While Goldman Sachs examines its navel in search signs of where its once great fixed income sales and trading business went wrong, a defector whom the firm passed over as president ten years ago has taken on a cult-like status at its rival. Tom Montag, the former co-head of Goldman's securities business, is Mr Bank of America Merrill Lynch.
Bank of America declined to comment for this article, but BofA insiders and sources who've worked with Montag say the COO rules the global banking and global markets businesses with an iron, if eccentric, fist.
A former co-head of Asian equities and fixed income currencies and commodities at Goldman Sachs, Montag - who's based in the New York - is said to travel for up to 40 weeks of the year, often to Asia, which he takes a keen interest in.
Montag is doing something right, though. In 2017, Bank of America's fixed income market share was 12.5%, according to analysts at KBW, putting the bank in third place behind J.P. Morgan on 18.1% and Citigroup on 16.8%. Goldman Sachs, Montag's employer for 22 years, languished at 7.3%. While Goldman and J.P. Morgan both lost FICC market share last year, Bank of America - like Morgan Stanley and Citi - gained it.
BofA's fixed income success can be partly attributed to its strong corporate client base. However, as COO with an all-encompassing responsibility for BofA busineses that "serve companies and institutional investors" and for the "global research and global markets sales and trading business", as described in the bank's recent proxy report, Montag deserves some of the credit too. Under his watch, BofA has developed 'Quartz', a risk and pricing system similar to SecDB at Goldman Sachs. It's also rationalized its technology platforms, cut costs and improved its U.S. middle market franchise - something Montag was talking about in June 2017, well before Goldman started doing the same in November.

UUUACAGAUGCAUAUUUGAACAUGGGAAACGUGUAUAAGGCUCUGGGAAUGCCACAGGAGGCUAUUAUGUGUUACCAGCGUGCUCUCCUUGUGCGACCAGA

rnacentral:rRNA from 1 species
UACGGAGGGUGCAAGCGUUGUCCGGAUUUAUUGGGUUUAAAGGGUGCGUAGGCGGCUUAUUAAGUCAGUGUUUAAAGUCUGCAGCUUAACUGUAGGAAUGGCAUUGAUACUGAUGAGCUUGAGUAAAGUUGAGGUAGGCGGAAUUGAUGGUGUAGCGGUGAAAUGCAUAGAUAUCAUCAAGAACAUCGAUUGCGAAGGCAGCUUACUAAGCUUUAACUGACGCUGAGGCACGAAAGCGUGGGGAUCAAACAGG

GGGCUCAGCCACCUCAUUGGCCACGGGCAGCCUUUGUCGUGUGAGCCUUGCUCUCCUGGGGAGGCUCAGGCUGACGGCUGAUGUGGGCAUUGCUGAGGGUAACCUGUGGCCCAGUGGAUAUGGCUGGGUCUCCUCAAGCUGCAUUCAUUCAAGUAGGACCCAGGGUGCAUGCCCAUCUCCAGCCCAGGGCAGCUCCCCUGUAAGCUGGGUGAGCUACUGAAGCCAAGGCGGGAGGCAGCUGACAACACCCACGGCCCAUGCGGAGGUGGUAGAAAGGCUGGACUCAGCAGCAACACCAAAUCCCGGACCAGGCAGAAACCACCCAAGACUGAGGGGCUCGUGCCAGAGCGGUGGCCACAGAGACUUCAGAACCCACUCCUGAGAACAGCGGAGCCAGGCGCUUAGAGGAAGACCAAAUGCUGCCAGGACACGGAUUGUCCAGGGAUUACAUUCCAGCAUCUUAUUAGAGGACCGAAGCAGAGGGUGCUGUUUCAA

Despite rumours of "strain" in the relationship between Montag and BofA CEO Brian Moynihan, Moynihan has praised and promoted the man who may one day take his job. In 2015, Moynihan credited Montag with being "really smart" and in July last year he praised Montag and his team for taking costs out of the trading business. In 2017, Montag was paid less than Moynihan with $19m to his boss's $23m, but this hasn't always been the case: Montag regularly out-earned Moynihan between 2010 and 2015.
A table released in a 2016 court case showing pay rates for senior markets staff at Bank of America suggests Montag amply shares the BofA bounty among his senior lieutenants. However, not everyone at BofA is enamoured of the big boss. "He fixed the business by streamlining costs, but he created fear," says one BofA salesman. "It's been all about closing the gap with Goldman Sachs and there's been constant pressure," he adds. "We were given very challenging targets and it made for an unpleasant and threatening environment."
Insiders say Montag's already large presence is writ larger by daily and weekly reports bearing his name and that together with Montag, Sanaz Zaimi, the ex-Goldman Sachs head of fixed income and Fab Gallo, the ex-Morgan Stanley head of equities, run a business that can be highly politicized. Eyebrows were raised when Zaimi hired her brother, Alireza, in 2014 (he left for Saudi Arabia's sovereign wealth fund last October). In turn, Gallo has been accused of favouring colleagues he's hired-in from Morgan Stanley.
"Montag's a huge character," says one headhunter. "And he likes to hire other characters. You have a lot of "interesting" people in senior roles at Bank of America and it can be very political there. The culture is very, very aggressive and very performance driven."
Montag's character was reportedly on display at a recent event led by Moynihan at Disney World in Orlando. "Montag spent his slot on the stage mostly talking about roller coasters and sharing pictures of himself on them," says one BofA banker.
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